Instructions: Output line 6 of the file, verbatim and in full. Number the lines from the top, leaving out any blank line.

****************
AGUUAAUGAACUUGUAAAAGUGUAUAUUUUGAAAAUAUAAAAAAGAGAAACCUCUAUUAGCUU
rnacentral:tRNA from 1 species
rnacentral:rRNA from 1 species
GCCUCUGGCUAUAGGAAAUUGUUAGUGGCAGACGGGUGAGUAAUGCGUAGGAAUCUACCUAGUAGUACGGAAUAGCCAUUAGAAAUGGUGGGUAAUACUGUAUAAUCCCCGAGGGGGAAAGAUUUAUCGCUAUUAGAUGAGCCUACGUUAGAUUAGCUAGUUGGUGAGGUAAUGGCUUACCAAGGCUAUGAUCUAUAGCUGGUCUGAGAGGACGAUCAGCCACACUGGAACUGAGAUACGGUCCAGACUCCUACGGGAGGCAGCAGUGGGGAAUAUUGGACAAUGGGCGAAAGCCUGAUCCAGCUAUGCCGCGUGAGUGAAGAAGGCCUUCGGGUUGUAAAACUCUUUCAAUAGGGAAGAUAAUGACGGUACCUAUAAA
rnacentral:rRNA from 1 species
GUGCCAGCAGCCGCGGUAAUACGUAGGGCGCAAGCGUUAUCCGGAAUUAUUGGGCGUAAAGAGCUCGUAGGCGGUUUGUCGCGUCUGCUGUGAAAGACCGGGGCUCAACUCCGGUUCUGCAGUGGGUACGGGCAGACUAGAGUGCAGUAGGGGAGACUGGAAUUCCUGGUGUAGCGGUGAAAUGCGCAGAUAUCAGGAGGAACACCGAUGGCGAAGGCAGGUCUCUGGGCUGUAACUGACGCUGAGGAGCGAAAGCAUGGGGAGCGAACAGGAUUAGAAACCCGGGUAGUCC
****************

GUGCCAGCAGCCGCGGUAAUACGUAGGGCGCAAGCGUUAUCCGGAAUUAUUGGGCGUAAAGAGCUCGUAGGCGGUUUGUCGCGUCUGCUGUGAAAGACCGGGGCUCAACUCCGGUUCUGCAGUGGGUACGGGCAGACUAGAGUGCAGUAGGGGAGACUGGAAUUCCUGGUGUAGCGGUGAAAUGCGCAGAUAUCAGGAGGAACACCGAUGGCGAAGGCAGGUCUCUGGGCUGUAACUGACGCUGAGGAGCGAAAGCAUGGGGAGCGAACAGGAUUAGAAACCCGGGUAGUCC